A NEW SOCIETY has been formed to give “some sort of identity” to Catholic clergy and laity who are opposed to women bishops but do not wish to leave the Church of England.
The Bishop of Plymouth, the Rt Revd John Ford, said this week that the new Society of St Wilfrid and St Hilda would “provide a place within the Church of England where Catholics can worship and minister with integrity without accepting innovations that further distance the Church of England from the greater Churches of the East and West”.
The society, he said, represented “a constructive initiative on the part of those who cannot accept the innovations proposed in legislation, and who are hurt and frustrated by General Synod’s inability to provide for their theological position”.
The idea emerged last week at a meeting of a “sacred synod” in Westminster, attended by 460 bishops, priests, and deacons. The meeting was called by Anglo-Catholic bishops to discuss concerns about women-bishops legislation and the lack of clarity about provision for those who would not accept it.
Describing the society’s purpose, Bishop Ford said that it “had been worked up in embryo to be offered as an option so that those who could not, in conscience, see a way forward in the Ordinariate would have some sort of identity”. It “is not competing with the Ordinariate”, he said, and it would “not be another club or pressure group”, but “a common life”.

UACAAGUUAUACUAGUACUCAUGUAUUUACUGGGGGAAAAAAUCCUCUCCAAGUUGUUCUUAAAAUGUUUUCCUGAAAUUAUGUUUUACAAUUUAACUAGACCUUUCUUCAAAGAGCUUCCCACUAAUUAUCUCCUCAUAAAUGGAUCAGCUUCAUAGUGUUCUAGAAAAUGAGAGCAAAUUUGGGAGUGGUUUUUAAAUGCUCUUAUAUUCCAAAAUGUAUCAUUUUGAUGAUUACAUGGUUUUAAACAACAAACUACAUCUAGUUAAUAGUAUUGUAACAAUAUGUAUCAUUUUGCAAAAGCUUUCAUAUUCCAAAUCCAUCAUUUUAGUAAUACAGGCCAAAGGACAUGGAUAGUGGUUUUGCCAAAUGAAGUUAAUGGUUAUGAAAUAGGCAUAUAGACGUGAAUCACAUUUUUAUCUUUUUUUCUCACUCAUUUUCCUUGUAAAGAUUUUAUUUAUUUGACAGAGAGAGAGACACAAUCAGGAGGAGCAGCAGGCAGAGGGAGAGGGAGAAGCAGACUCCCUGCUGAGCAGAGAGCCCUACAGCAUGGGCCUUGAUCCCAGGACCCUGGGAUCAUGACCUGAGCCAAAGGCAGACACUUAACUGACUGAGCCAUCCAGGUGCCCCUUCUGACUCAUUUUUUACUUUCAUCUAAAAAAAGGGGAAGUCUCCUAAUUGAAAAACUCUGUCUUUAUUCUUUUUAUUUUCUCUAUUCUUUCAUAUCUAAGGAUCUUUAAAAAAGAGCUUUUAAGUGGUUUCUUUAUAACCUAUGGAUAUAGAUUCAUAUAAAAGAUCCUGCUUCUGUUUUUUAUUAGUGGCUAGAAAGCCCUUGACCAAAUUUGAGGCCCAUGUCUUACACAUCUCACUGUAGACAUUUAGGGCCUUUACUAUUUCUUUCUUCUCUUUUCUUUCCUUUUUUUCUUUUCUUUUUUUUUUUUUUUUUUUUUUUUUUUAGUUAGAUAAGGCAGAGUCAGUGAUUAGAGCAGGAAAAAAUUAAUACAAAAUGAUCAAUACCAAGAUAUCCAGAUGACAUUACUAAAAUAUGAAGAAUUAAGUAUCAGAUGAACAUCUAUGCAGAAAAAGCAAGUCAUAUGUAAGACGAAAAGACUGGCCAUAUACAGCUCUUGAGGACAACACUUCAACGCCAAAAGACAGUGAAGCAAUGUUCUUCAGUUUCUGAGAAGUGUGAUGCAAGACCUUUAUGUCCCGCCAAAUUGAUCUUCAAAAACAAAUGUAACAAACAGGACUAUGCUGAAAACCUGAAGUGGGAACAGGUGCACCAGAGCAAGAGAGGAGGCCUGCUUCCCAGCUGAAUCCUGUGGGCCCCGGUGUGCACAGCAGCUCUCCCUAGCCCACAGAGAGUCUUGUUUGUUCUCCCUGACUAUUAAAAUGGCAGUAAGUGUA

He went on: “As with the Ordinariate, further details about the society and its life will emerge in the coming months.” A group of 12 would be meeting later this month to “work on the theology of the society” and come up with firmer plans for it. “There are a lot of people beginning to wonder what the society might be able to offer,” he said.
The Revd Ivan Aquilina, Vicar of St John the Baptist, Sevenoaks, who attended the sacred synod, said: “So far, what the aims and objectives are is not clear, so, while some are joining it, already others will want to wait and see. . . The society may or may not secure some sort of provision or a stronger code of practice. It may also be an honoured vehicle for those who, for personal or ecclesial reasons, cannot be part of the Catholic family.”
Women and the Church (WATCH) said in a statement that it was “curious, if not paradoxical” that the society should be named after St Hilda, who, “of all people, knew about discipline and loyalty to her Church, with her acceptance of the decision of the Synod of Whitby to follow the Roman rules and not the Celtic way that she had supported”.
WATCH said that the “society model” was “discussed in depth” by the Synod’s revision committee and rejected, because “there was some risk of creating a society that was an even weightier body than a diocese. . . This was because some of the representations made to us seemed to envisage that jurisdiction would in some way be conferred on the society itself and through it to the bishops.”
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